Shakespeare's historical source of the play Macbeth was Raphael Holinshed's Chronicles of England Scotland, and Ireland which was written in 1587. The book refers to Banquo as an acquaintance of Macbeth's. According to the history, Macbeth, with the help of others, conspired with Banquo to kill the weak and ineffectual King Duncan.
Now, as Macbeth was dedicated to King James and Duncan and Banquo were, as legend had it, both in the royal line of King James, Shakespeare changed the history and made the men sympathetic characters.
Because it was not uncommon for aristocratic families to claim descent from mythological characters, the Stewart clan (from which King James I of England came) claimed descent from Banquo, known as the Thane of Loch Aber (Scottish Gaelic spelling). This Thane of Loch Aber was a Highland chief of legend from the time of the Scottish king Macbeth, although Banquo's son Fleance was a very real character.
As has previously been mentioned, Shakespeare modified in several ways his tragedy entitled Macbeth for political reasons. Within weeks after James VI of Scotland became James I of England in 1603, Shakespeare's acting company was given the title of "The King's Men." Naturally, these actors were expected to perform at many royal events in return for this honor. Therefore, it clearly behooved Shakespeare to remain in the favor of the king and alter history to suit the royal tastes.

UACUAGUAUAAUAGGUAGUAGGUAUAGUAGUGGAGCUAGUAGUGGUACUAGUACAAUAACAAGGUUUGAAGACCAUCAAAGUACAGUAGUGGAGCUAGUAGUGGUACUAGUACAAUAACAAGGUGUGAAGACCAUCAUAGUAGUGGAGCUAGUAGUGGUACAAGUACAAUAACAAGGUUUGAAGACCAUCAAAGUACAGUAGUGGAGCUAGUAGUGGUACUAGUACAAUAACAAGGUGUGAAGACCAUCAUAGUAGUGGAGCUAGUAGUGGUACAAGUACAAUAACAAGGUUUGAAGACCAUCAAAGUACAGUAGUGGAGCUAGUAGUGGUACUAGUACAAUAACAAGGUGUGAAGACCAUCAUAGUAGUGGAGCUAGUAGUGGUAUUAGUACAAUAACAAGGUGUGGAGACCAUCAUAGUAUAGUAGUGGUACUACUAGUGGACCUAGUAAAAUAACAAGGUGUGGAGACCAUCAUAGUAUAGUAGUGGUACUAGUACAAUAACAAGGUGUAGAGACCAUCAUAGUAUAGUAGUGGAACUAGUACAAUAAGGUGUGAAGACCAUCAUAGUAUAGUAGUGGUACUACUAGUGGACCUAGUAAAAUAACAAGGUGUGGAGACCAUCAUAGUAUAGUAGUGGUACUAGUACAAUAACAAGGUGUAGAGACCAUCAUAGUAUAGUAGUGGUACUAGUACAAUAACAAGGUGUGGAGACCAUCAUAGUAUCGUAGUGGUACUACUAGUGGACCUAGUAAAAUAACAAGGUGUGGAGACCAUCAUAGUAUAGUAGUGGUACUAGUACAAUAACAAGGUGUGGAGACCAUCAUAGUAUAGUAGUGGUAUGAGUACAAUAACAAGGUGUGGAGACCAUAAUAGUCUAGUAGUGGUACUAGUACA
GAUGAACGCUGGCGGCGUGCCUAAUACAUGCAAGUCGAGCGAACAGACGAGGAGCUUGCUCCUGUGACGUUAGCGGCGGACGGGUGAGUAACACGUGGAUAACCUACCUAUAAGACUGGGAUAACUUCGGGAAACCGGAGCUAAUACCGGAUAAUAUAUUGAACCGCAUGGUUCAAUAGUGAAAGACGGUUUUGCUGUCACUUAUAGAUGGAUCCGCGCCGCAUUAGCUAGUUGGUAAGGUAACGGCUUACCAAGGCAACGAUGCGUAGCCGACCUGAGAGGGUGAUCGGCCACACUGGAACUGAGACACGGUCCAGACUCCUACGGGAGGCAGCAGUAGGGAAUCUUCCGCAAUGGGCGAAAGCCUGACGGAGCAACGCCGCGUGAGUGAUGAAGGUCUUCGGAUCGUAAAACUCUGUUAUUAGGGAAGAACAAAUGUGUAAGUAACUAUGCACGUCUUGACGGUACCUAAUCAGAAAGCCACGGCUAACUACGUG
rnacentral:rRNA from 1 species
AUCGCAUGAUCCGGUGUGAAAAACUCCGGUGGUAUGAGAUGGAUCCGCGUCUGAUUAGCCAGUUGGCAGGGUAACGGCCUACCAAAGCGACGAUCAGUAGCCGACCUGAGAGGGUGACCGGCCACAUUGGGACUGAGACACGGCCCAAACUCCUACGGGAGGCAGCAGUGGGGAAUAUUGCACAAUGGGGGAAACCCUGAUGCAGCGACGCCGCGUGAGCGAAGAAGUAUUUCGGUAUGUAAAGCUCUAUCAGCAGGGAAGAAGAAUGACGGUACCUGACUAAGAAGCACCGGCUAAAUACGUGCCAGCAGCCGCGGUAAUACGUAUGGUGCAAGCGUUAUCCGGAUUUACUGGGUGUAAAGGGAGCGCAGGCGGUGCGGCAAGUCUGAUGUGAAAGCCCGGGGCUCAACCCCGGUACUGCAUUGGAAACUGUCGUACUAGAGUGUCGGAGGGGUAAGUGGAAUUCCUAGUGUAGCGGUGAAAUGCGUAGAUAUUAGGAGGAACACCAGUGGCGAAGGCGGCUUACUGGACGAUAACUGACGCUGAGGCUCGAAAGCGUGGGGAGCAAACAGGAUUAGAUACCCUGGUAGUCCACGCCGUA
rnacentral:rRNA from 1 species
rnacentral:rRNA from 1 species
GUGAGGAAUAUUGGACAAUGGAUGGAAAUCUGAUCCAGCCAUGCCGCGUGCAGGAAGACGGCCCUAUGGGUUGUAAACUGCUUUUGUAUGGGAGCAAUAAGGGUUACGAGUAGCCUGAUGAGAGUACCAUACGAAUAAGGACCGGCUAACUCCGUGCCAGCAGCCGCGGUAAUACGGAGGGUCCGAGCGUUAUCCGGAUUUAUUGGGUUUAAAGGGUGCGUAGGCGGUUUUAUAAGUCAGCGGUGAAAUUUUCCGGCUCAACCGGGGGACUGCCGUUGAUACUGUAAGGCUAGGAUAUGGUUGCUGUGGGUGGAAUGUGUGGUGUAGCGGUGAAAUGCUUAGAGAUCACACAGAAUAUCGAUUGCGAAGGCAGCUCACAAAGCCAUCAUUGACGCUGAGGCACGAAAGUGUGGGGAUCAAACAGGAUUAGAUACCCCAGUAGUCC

Neither Banquo nor Fleance really existed. There was a legend, however, that James I, king at the time Shakespeare wrote and performed Macbeth, was descended from the line of Banquo. Some people say Banquo is included in the play to mock King James, although a more common suggestion is that he is included to flatter the king. There was a lot of politics around the legality of theatre in the time of James I, so it might well have paid for Shakespeare to keep on the good side of the king.